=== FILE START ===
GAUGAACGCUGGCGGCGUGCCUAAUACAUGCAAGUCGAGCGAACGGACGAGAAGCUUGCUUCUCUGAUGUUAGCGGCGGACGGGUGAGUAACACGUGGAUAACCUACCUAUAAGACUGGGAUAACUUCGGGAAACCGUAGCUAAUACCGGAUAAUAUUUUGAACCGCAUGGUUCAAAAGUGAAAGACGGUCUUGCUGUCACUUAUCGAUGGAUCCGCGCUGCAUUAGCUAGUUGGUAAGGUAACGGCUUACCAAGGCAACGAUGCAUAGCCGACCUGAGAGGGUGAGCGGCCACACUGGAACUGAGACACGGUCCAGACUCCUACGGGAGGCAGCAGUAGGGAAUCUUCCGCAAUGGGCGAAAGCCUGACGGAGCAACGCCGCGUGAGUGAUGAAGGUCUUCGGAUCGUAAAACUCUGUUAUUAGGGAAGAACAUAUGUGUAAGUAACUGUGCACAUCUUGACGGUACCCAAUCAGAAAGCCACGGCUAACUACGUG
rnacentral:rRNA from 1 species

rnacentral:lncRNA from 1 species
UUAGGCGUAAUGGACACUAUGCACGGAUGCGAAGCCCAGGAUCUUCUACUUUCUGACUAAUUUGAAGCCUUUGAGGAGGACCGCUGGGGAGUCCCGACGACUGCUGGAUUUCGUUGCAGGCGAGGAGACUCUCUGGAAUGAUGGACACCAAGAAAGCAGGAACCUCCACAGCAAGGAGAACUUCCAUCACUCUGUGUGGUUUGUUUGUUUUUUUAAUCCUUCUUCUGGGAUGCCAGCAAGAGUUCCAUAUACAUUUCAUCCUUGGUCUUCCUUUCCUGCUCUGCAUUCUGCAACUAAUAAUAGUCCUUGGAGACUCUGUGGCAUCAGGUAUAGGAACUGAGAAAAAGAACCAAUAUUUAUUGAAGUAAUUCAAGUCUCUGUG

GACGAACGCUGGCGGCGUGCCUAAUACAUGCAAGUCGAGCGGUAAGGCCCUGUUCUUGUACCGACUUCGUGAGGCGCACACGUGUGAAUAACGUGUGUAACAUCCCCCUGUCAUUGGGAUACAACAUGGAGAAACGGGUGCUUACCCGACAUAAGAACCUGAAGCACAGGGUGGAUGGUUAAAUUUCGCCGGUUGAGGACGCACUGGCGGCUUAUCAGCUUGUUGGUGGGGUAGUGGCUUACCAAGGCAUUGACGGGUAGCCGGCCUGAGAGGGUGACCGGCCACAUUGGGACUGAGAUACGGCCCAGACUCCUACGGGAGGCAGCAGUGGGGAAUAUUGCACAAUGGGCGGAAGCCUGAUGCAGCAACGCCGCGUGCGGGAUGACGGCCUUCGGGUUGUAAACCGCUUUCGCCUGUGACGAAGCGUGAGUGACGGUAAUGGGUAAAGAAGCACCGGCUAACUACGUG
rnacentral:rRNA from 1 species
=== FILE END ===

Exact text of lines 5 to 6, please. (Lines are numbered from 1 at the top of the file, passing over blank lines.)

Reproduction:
GACGAACGCUGGCGGCGUGCCUAAUACAUGCAAGUCGAGCGGUAAGGCCCUGUUCUUGUACCGACUUCGUGAGGCGCACACGUGUGAAUAACGUGUGUAACAUCCCCCUGUCAUUGGGAUACAACAUGGAGAAACGGGUGCUUACCCGACAUAAGAACCUGAAGCACAGGGUGGAUGGUUAAAUUUCGCCGGUUGAGGACGCACUGGCGGCUUAUCAGCUUGUUGGUGGGGUAGUGGCUUACCAAGGCAUUGACGGGUAGCCGGCCUGAGAGGGUGACCGGCCACAUUGGGACUGAGAUACGGCCCAGACUCCUACGGGAGGCAGCAGUGGGGAAUAUUGCACAAUGGGCGGAAGCCUGAUGCAGCAACGCCGCGUGCGGGAUGACGGCCUUCGGGUUGUAAACCGCUUUCGCCUGUGACGAAGCGUGAGUGACGGUAAUGGGUAAAGAAGCACCGGCUAACUACGUG
rnacentral:rRNA from 1 species